When I thought about writing this piece, I originally intended it to be “5 DE&I Focused New Year’s Resolutions Anyone Can Make.” Then I did a little research and found that less than 5% of Americans actually stick to all of the New Year’s Resolutions they make.
Aside from feeling personally attacked (It is me. I am admittedly in the 95%), I did not want to contribute to the list of great-sounding things that 95% of us will not follow through on. I, instead, wanted to give everyone… anyone… 5 things you can do every day to practice inclusive and equitable behavior.
1. Learn about, and begin to check your own bias
Whether you want to admit it or not, whether you know it or not, we all have biases. If you have a brain, you have biases. It is simply a part of how the human brain functions. In light of the millions of pieces of information we are bombarded with at any given minute, our brains are hardwired to take shortcuts based on a number of factors — our past experiences, our emotions, our exposure, our preferences, and more. But these shortcuts can be harmful to others, our organization, and even ourselves as it impacts how we make decisions, how we engage with others, and how we respond in certain situations.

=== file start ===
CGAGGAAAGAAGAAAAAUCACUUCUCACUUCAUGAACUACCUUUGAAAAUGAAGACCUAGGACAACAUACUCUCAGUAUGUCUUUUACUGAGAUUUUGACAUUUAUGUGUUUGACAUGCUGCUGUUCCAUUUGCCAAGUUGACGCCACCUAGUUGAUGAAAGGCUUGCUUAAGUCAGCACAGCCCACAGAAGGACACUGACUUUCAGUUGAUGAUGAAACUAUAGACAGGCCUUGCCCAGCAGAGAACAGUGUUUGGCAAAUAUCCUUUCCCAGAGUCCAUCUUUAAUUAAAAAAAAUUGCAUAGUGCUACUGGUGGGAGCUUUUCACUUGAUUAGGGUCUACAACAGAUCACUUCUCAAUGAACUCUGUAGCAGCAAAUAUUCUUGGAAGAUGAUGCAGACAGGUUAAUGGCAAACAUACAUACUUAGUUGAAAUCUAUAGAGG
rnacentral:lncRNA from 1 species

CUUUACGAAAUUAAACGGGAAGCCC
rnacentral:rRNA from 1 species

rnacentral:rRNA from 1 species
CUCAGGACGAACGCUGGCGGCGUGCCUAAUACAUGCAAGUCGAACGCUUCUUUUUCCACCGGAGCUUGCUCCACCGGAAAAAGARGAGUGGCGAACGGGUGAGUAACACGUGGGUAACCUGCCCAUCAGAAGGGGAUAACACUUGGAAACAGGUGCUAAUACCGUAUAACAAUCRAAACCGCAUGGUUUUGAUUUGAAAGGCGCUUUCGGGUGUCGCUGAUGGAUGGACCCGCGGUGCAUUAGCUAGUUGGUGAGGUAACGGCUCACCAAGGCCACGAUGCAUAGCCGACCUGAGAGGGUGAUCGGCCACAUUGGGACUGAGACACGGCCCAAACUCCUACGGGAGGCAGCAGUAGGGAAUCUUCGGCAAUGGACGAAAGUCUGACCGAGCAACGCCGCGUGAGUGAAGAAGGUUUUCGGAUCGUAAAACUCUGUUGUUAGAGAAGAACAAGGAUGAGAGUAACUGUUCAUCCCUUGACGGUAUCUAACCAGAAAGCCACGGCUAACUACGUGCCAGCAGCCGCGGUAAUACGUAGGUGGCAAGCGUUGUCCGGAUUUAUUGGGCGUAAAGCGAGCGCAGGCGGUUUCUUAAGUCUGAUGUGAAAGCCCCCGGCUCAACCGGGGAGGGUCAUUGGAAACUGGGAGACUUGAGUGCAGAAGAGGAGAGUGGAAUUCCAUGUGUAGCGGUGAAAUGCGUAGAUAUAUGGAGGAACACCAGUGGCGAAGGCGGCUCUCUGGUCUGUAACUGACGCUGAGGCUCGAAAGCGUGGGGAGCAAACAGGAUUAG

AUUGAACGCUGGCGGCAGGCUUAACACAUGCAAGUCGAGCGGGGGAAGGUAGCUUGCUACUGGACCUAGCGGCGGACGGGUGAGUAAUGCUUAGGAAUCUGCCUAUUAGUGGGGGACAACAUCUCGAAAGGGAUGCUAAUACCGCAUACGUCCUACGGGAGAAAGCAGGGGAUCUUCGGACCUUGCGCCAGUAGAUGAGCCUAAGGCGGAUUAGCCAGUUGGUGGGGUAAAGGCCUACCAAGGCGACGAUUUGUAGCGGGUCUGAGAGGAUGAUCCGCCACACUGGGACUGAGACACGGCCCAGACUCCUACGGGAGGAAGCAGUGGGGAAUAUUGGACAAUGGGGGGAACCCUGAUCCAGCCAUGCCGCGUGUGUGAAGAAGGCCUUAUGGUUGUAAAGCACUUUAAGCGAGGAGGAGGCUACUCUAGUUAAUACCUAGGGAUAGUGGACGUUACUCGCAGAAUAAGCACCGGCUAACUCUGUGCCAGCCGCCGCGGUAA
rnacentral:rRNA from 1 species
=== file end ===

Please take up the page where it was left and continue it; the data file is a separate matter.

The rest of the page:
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Becoming aware of your biases is the first step to managing the detrimental effects they can have on those you work with, those you serve, and the performance of you and those around you.
- Take a few or several Implicit Association Tests (IAT) to identify your potential areas of bias. I promise you’ll be surprised.
- Learn about how bias works scientifically. Two books I would recommend are: Blindspot by Mahzarin Banaji and Anthony Greenwald and Thinking Fast and Slow by Daniel Khaneman. Other great books to learn more about bias include The Person You Mean to Be by Dolly Chugh and The Leader’s Guide to Unconscious Bias by Pamela Fuller & Mark Murphy with Anne Chow.
- Commit to slowing down, reflecting, and asking yourself tough questions in the midst of important decision-making, highly emotional moments, or moments of overload and/or overwhelm. Questions like: Am I demonstrating an automatic preference at this moment? If this comment were made by someone more like me, would I listen differently? Am I truly listening with an open mind right now?